• Dr Helen J Williams

Two more home/school games for Reception - shape and space, and length

Updated: Jun 8, 2020

Two games to play in Reception over the next few weeks, that children can also play at home

Obviously, all our focus is on the wellbeing of our children, especially now, as many haven’t been attending school for a long period, a period which might well have been very traumatic for many.

The games I am posting in these blogs focus on our mathematical wellbeing – our children’s (and our) confidence and enjoyment in mathematics. Whilst giving us the chance to observe what they have remembered as well is what is a little more shaky.

As some of your class will be in school and some not, both of these games could be played equally well at home.

Or indeed over a video link with one person telling the other what to do with the resources. Or you could play against your ‘class’. Children playing in partners can be very powerful as they are encouraged to discuss what to do each time.

The first game, 'Make it the Same' focuses on children describing what they see. Children’s talk is closely linked to their cognitive development and we can see their thinking when they play this game.

Shape and space is not just about recognising and naming shapes, crucially it’s about recognising, describing and communicating position, images, similarities and differences.

To begin with, this game works best using familiar equipment.

The second game, 'Stick Race', is an outdoor game, where children line up sticks of different lengths to match a distance.

Make it the Same.

You need

2 identical sets of toys, for example: About 8-10 blocks or bricks of different shapes, a couple of play-people, a vehicle or two; one for each player, or pairs of players.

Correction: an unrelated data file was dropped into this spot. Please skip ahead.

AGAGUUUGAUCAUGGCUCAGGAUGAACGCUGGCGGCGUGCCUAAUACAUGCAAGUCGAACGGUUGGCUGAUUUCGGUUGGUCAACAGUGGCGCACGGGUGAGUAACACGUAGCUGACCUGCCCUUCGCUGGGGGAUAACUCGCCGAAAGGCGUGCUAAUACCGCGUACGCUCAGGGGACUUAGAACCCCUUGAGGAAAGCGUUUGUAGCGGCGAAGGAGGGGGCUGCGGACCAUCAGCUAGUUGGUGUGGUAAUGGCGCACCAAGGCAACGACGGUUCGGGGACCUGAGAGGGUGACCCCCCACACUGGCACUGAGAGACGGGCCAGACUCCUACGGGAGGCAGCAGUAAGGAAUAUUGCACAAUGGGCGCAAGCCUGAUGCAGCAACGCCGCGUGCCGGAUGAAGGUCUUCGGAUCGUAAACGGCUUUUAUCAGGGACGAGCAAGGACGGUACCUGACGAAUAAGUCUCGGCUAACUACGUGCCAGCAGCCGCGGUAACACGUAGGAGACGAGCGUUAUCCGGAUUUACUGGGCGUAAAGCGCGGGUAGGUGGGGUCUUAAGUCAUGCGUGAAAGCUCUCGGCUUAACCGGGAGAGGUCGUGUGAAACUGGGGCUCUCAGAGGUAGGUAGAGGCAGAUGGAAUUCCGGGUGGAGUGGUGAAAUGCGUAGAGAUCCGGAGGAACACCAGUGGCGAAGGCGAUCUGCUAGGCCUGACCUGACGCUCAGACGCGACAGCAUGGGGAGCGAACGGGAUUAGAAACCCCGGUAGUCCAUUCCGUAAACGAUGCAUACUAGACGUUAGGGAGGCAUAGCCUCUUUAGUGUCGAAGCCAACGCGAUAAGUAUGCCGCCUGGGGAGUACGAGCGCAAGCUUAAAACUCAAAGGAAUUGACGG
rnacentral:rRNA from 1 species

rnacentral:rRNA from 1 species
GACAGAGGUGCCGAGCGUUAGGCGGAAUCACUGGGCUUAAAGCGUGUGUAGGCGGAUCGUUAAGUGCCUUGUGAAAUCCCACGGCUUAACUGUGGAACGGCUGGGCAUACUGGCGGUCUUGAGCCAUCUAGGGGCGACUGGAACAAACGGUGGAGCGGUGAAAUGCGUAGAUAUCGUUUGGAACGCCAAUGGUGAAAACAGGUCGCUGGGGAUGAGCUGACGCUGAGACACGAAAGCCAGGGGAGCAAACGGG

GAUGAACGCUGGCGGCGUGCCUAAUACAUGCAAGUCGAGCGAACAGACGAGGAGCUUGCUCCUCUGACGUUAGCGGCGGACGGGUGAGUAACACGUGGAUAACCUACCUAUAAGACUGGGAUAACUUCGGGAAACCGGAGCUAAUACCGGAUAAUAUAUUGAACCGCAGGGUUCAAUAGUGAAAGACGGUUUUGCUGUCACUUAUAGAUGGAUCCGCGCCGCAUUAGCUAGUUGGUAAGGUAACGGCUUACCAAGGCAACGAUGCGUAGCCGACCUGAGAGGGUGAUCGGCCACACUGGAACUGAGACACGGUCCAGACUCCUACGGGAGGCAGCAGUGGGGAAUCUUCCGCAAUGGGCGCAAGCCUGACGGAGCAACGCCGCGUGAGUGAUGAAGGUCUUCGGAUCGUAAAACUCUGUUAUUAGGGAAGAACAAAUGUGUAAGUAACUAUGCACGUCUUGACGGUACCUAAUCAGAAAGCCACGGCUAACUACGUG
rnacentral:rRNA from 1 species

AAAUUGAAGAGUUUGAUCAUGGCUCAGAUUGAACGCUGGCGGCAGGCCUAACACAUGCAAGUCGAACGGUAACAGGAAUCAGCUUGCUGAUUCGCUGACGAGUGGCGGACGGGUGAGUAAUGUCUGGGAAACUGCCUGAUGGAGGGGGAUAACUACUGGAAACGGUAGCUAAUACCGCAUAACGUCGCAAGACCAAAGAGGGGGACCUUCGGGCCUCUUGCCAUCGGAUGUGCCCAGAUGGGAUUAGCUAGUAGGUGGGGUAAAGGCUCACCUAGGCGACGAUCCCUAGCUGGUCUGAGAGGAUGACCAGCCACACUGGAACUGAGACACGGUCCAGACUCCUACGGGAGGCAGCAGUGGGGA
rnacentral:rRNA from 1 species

A ‘barrier’ to stand between you, perhaps a large hard-back book and two tea-trays or sheets of card.

To play

Make sure both players each have exactly the same toys. Stand up the barrier. Decide who starts. This player builds a secret, small world arrangement using all the toys on the tray or the card. When they are satisfied this is complete, they call back the other player.

They then give instructions to the Player 2 to make an identical arrangement.

Only Player 1 can peep over the barrier to check how the building is going, trying really hard not to touch or point!

When Player 1 is satisfied the two arrangements are the same, they call out “The same!” and the barrier is removed for them to compare.

Discuss what was helpful to hear. Swap roles and play again.

What happens if? …

You change the items? What about using Lego? or using pattern-making equipment? … if more people play?

What will you try now?

Stick Race

Firstly, go out and collect a pile of all sorts of length of stick. You also need chalk or similar to make a mark on the ground.

To play

This game is for 2 or more players. Mark a ‘Start’ line on the ground. Now mark a ‘Finish’ line. Between you, you are going to make a straight line of sticks to reach the Finish line.

Decide who starts.

The first person lays a stick with one end on the Start line.

Take it in turns to choose a stick and lay it down so one end touches the end of the last stick laid. keep taking it in turns until you reach the Finish. The winner is the person who lays the stick that is nearest to the Finish. The object is to choose your sticks carefully to get as close to the Finish line as possible - even touching it!

How many sticks did it take to reach from Start to Finish?

Play again.

How are you choosing your sticks each time?

What happens if? …

You change the Start and Finish lines? ... You each lay your own line? ... You don’t have to lay a straight line of sticks? What about playing with Lego? … What if more people play?

What will you try?

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